Whether you’re building a new website or launching a marketing plan, ask yourself, “What is the ultimate objective of this project will achieve for the company? What is the team’s role in achieving this objective?”
Communication is critical here, obviously. When team members are remote, it may be more difficult for them to grasp the company’s culture and objectives. But every person you manage should have a firm idea of what they are working toward and why; they should have a stake in their work.
Inc. magazine says, “As the leader, it’s your job to provide the context for the team. In addition to sharing the project specifications and requirements, you need to paint the big picture for them and bring the importance of their roles to the forefront. Help your employees understand, not only what their roles are, but why they matter — and why each of them benefits individually from being truly engaged in the team goal overall.”
Here are some practical tips for effectively instilling company objectives in your team:
- Your company should have its mission, vision, and goals prominently displayed on the website
- Communicate these ideals to each remote worker
- With each project, remind the workers involved that it will achieve this or that objective
- During evaluations, ask each worker to self-assess how he or she embodies each value
Perhaps the most obvious aspect of a project manager’s role is making sure it’s delivered on time. But managing workflow includes more than just meeting or missing a deadline.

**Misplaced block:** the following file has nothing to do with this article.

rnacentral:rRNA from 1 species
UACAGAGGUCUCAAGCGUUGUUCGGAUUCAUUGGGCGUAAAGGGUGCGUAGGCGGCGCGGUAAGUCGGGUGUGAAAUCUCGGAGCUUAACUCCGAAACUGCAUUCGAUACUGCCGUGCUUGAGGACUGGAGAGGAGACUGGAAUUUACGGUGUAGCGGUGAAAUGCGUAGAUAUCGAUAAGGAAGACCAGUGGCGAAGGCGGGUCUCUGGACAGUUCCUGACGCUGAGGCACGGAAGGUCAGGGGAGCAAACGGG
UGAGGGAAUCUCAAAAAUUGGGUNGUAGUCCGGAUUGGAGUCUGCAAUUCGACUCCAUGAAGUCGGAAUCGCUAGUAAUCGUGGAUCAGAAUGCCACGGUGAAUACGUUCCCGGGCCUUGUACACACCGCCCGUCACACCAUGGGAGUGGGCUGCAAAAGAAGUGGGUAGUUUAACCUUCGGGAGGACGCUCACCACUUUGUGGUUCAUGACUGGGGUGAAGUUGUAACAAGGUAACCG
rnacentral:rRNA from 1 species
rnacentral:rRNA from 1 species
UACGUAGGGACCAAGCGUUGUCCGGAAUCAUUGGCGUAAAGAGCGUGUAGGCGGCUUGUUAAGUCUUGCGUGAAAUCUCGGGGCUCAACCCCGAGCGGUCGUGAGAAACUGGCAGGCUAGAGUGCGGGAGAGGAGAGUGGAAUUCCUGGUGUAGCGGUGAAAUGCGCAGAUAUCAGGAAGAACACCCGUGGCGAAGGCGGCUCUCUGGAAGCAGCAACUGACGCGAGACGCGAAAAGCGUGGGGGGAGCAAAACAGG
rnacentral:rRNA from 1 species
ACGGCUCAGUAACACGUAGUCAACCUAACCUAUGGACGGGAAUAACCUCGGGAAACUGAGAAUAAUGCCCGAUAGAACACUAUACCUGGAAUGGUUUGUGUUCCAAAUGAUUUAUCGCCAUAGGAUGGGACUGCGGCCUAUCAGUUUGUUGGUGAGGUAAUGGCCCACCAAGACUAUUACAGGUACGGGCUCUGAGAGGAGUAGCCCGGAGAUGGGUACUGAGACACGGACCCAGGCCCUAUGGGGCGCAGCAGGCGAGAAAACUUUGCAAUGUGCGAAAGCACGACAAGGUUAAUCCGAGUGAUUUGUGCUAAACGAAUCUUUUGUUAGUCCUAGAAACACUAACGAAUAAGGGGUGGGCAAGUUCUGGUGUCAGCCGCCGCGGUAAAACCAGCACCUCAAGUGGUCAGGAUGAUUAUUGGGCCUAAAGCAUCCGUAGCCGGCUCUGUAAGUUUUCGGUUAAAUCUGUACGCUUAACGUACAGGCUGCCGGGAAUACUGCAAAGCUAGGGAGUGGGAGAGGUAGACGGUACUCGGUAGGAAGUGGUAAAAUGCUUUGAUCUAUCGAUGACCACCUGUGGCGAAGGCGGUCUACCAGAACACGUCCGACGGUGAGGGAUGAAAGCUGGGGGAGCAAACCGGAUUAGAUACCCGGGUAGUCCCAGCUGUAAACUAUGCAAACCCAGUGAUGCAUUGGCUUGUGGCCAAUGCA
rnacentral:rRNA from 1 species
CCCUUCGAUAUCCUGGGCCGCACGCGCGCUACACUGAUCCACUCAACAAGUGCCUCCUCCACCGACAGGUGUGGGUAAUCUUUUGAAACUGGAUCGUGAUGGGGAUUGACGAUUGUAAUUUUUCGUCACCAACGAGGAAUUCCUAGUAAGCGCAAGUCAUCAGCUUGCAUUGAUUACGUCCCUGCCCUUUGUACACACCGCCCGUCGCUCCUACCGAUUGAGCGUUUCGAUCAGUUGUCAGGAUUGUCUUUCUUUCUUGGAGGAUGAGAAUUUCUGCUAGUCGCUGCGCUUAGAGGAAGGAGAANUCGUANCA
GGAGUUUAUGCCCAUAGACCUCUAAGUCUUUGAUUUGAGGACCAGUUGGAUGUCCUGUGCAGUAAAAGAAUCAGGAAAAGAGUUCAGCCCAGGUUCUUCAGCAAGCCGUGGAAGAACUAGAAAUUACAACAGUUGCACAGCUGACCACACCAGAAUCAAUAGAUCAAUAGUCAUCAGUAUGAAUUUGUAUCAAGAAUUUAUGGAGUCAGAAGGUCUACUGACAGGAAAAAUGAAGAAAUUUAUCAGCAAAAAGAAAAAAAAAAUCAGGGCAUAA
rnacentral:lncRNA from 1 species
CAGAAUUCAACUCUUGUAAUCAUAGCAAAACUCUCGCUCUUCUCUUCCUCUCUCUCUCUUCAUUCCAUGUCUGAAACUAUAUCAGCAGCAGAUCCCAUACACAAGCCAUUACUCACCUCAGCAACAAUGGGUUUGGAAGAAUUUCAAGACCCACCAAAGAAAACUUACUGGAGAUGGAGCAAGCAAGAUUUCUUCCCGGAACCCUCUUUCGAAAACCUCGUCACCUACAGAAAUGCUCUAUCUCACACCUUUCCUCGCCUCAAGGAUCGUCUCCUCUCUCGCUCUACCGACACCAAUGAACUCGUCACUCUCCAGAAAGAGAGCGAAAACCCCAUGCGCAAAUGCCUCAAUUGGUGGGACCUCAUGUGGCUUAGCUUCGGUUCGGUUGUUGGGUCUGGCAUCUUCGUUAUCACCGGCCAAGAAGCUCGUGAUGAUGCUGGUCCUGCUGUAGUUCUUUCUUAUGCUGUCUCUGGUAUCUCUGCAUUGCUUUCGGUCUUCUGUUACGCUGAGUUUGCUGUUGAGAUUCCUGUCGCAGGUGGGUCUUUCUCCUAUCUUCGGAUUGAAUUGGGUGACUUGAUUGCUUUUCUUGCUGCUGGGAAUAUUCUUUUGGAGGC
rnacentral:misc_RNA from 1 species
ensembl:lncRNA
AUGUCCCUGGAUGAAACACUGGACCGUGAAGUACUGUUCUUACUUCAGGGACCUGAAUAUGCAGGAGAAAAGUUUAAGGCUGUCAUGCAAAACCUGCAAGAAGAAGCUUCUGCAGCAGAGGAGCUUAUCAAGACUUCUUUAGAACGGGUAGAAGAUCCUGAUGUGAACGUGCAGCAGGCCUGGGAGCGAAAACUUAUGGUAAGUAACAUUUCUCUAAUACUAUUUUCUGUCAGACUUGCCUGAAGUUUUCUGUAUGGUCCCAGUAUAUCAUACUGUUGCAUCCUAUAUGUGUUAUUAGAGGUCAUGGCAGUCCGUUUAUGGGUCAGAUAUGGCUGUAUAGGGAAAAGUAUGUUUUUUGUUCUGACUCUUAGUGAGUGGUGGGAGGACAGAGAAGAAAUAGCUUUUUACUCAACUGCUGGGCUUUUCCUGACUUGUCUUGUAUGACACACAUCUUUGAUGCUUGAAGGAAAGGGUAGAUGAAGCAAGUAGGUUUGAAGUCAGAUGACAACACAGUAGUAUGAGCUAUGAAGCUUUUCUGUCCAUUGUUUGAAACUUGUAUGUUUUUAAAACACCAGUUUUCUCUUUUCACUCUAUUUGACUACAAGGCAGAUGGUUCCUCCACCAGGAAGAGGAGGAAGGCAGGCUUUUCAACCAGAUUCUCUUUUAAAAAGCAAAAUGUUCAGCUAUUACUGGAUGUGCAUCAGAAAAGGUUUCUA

Workflow encompasses all aspects of time on the project including the back and forth between team members managing expectations of meeting impossible deadlines, making up for lost time and not squandering extra time, handling those who are chronically late, and handling those who are always early but are not always careful.
Here are some practical tips for effectively managing the workflow of your team:
- From the outset, plan each step with due dates and communicate these clearly
- Set expectations for adhering to deadlines and impose consequences for missed deadlines
- Monitor activity at all times; don’t get comfortable thinking everybody’s on auto-pilot
- Automate as much as possible; if it can be accomplished with a tool, use it. Look into the ways your project management tool (such as ClickUp), CRM, ERP, or marketing automation tools can contribute to your overall efficiency.
- Make sure all team members have access to the resources they need to do their jobs
Note: See more advantages of using project management software!
Even though the remote workforce is still a relatively “new” idea for most companies, the practice will only become more widespread in the near future. Soon, remote teams will be the norm and companies need systems and processes in place to equip and manage them. Paying special attention to these three categories and the tasks they include will help project managers lead with success.
Mary Bernard is a writer for TechnologyAdvice.com. She has helped all types of companies — from small brands to multi-million dollar franchise corporations — grow their businesses through blogging and content marketing. She is a freelance writer and editor based in Nashville, TN, where she resides with her husband and three teenagers. Find out more about Mary and her business, A Way With Words, at www.maryparkerbernard.com.